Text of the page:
Ruijerd is extremely opposed to teaming up with “villains”, and even grabs Rudy by the shoulder in protest, breaking his own don’t-hurt-kids policy. Eris punches and kicks him as hard as she can, reminding him he too did bad things in the past that don’t automatically make him evil, and that he should just shut up and leave it to Rudy, who only has his and her best interests at heart.

Ruijerd calms down, and reiterates that he won’t walk away from his promise to get the two of them home. They escort the D-rankers, a lizardman and bee-woman, to the guild, where they upgrade to C-rank. Rudy orders them to take a B-rank job, while he’ll take an F-rank job, with the understanding they’ll be swapping jobs. A nosy horse-man adventurer whom I’ll call Bojack for now almost catches wind of this plan, but assumes the lizard guy is just trying to look cool in front of the newbies.

The episode ends somewhat awkwardly right there, but that’s ultimately okay, as it accomplished a lot. We got to see Eris in action (and absolutely loving it) and saw our first demon city in all its glory. Rudy doesn’t grope anyone or make any gross comments, and is even thoroughly shaken when Ruijerd demonstrates his far-too-rigid code of morality. Now I look forward to their first monster-slaying quest. Here’s hoping Rudy can keep his green, now blue-haired friend in check.

Rating: 4/5 Stars

Read Crow’s review of episode 10 here!

Mushoku Tensei: Jobless Reincarnation – 09 – A New Adventure Begins

Rudeus wakes up in a white void and in his original human form, and assumes his time in a fantastical new world was finally at an end. Why wouldn’t someone with his experience in failure and disappointment think otherwise? But it’s not the end, just the end of the beginning.

First of all, as he’s told by the very sketchy looking and sounding “Man-God”, he’s not dead; this is simply his mental image. It’s only a dream, and when he wakes up he’ll be back in lil’ Rudy’s body. The concern is where he wakes up: the mana disaster transported him to the Demon Continent.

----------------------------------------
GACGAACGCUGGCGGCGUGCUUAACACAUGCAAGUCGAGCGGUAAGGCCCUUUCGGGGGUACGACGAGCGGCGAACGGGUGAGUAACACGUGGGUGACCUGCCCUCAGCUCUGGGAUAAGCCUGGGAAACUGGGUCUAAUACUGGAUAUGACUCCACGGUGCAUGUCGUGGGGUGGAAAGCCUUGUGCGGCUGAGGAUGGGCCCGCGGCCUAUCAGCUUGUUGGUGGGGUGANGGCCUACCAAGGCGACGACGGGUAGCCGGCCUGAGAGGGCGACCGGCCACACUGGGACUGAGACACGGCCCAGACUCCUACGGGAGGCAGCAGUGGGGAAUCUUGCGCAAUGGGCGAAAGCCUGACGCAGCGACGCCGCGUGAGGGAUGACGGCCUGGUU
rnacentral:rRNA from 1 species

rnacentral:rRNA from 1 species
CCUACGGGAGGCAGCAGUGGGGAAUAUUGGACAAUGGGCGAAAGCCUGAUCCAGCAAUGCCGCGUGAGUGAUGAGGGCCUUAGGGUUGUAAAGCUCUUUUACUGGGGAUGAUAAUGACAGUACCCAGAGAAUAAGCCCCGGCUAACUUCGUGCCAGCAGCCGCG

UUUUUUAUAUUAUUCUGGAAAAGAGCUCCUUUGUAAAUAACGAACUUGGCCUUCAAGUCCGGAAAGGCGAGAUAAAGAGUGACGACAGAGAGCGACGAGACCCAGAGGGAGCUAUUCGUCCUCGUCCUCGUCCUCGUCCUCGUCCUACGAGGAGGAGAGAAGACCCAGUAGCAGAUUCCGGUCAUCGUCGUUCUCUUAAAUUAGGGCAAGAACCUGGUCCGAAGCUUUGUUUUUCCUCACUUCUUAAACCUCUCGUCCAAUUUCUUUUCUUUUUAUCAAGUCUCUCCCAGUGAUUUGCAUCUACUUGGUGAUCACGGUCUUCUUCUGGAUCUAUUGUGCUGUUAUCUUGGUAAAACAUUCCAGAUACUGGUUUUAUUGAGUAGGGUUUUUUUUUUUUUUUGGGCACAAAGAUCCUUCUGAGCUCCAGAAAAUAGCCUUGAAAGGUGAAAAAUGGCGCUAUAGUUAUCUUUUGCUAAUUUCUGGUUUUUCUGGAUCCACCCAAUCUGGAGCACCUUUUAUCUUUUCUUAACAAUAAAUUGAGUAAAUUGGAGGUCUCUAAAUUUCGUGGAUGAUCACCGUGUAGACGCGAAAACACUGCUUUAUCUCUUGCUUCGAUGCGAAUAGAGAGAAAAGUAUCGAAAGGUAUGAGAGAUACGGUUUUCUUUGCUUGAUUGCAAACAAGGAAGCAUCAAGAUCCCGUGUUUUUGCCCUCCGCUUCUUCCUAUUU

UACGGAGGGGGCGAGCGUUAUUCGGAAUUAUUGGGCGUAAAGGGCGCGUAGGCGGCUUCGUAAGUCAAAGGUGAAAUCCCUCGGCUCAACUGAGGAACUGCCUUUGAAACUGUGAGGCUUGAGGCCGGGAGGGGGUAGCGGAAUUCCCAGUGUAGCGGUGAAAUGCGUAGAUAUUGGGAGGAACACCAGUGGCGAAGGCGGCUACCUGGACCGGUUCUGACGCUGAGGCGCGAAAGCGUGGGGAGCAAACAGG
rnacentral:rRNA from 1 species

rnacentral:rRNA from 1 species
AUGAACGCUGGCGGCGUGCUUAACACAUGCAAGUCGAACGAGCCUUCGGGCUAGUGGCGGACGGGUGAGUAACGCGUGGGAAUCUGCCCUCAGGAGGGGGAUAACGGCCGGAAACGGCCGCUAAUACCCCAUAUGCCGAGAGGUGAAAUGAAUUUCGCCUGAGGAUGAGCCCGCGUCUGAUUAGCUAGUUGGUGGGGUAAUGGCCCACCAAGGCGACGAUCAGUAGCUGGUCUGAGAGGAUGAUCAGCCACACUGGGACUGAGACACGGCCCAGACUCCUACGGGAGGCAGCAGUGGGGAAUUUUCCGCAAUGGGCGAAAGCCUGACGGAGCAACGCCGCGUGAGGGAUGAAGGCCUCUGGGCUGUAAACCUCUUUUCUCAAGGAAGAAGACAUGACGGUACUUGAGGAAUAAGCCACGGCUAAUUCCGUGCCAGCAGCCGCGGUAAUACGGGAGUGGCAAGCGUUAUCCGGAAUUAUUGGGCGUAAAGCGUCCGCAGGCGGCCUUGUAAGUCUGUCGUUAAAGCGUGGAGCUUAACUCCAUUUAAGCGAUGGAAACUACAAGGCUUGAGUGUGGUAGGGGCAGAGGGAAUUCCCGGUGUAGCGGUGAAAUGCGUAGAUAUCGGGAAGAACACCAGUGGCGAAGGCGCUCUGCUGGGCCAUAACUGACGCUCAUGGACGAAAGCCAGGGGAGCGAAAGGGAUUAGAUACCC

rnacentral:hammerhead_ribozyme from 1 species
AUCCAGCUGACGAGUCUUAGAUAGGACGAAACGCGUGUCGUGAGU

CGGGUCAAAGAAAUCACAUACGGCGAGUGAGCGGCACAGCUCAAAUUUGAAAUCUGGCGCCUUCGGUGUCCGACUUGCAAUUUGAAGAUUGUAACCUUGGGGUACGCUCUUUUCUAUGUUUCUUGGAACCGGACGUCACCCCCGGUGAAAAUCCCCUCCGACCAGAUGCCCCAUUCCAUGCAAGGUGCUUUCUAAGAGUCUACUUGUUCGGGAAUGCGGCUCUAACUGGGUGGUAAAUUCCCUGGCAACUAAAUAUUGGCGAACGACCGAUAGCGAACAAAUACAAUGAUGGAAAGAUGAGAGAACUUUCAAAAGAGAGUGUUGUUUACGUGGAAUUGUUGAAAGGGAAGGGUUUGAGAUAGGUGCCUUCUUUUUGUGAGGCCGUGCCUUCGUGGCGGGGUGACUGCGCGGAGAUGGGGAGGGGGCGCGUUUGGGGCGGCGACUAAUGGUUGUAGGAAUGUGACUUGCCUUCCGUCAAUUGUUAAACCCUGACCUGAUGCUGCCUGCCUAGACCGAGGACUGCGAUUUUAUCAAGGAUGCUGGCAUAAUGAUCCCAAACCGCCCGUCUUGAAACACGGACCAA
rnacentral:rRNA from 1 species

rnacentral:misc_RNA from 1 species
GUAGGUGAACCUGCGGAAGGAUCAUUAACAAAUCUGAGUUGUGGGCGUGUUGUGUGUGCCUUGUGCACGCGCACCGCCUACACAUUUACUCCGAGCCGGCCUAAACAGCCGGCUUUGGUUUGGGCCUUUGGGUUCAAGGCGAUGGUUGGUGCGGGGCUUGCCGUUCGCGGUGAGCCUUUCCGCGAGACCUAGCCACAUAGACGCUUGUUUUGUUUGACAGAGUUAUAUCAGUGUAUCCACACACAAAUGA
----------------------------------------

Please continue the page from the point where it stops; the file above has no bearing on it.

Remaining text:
The Man-God tells Rudy to rely upon and help the man he’ll meet upon waking up. That man turns out to be a Superd, the demon tribe feared and loathed by all. Rudy is initially fearful himself, especially wiht a sleeping Eris nearby. But when the man shows no sign of hostility, Rudy decides to make use of his Demon-God language skills and politely introduce himself.

The man is named Ruijerd Superdia, and tells Rudy they’re in Biegoya, in the northeast of the Demon Continent, quite a trek back to the Central Continent from which he and Eris came. Ruijerd tells Rudy he’ll escort them safely back to their homeland; to abandoning children would damage the Superd tribe’s reputation. Of course, as an awakening Eris’ over-the-top yet quite normal reaction to Ruijerd confirms, the Superd’s rep is already crap.

Rudy serves as mediator, and within minutes, Eris and Ruijerd are friends, and Eris is all smiles about the prospect of going on an adventure in a strange land full of unknown dangers. It’s precisely the opposite of the prim, proper, fancypants existence cooped up in the Boreas mansion in Roa, where Eris so often acted like a caged animal.